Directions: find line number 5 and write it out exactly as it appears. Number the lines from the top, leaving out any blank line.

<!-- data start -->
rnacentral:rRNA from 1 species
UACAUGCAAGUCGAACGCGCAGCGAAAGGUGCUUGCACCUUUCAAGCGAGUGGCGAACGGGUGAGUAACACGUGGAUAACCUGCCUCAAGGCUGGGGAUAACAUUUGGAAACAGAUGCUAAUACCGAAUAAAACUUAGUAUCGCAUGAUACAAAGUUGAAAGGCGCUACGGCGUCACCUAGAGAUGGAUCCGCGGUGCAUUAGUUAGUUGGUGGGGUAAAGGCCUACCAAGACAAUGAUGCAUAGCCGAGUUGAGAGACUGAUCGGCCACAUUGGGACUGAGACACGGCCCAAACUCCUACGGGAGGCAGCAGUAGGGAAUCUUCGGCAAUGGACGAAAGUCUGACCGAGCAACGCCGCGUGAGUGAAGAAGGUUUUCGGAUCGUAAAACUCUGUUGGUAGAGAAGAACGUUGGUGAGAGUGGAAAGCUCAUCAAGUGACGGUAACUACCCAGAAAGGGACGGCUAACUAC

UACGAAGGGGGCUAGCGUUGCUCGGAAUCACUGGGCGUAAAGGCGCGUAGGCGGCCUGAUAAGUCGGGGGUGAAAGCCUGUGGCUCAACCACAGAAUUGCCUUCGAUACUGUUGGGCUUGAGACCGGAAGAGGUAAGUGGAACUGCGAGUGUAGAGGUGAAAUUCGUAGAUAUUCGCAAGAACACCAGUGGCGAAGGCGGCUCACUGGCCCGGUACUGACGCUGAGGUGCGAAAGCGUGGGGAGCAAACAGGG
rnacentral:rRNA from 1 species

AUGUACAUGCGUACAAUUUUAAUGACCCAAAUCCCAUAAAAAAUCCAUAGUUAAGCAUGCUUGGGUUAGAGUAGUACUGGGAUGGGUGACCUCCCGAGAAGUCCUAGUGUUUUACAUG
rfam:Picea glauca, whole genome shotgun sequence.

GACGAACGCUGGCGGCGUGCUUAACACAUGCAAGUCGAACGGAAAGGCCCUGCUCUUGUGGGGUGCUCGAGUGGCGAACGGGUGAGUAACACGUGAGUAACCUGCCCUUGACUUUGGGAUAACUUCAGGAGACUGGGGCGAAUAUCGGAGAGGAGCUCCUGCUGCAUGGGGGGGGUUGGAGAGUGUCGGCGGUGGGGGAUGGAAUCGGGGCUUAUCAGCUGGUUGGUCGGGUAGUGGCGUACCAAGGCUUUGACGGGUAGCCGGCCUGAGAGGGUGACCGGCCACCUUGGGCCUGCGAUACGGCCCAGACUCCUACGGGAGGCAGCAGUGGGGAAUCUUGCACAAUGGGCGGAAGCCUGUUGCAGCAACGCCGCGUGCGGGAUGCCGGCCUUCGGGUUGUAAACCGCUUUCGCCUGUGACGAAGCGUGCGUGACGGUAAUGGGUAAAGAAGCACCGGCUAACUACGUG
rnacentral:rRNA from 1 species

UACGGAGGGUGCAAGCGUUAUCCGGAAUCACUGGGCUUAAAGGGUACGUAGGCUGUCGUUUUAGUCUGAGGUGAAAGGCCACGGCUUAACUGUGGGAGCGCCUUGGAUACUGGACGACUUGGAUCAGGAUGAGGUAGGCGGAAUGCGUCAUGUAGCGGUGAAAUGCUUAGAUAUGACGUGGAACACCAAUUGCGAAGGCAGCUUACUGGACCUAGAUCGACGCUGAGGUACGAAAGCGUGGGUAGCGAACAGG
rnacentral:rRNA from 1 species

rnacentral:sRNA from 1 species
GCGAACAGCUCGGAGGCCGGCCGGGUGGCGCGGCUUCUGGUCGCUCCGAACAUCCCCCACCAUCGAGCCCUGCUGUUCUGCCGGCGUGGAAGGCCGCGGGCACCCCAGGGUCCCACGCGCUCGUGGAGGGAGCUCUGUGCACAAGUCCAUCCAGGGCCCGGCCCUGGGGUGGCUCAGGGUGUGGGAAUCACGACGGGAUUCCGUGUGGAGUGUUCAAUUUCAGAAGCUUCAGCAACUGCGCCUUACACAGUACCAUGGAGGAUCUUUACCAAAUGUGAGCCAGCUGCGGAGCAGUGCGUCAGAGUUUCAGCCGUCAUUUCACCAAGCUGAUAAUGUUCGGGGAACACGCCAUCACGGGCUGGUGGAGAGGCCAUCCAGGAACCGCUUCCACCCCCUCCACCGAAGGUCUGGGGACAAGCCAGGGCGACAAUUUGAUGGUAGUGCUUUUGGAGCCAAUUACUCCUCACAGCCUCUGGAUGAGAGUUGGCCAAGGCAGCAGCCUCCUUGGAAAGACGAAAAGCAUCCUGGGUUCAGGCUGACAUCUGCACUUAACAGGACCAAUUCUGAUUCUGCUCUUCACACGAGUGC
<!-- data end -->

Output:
AUGUACAUGCGUACAAUUUUAAUGACCCAAAUCCCAUAAAAAAUCCAUAGUUAAGCAUGCUUGGGUUAGAGUAGUACUGGGAUGGGUGACCUCCCGAGAAGUCCUAGUGUUUUACAUG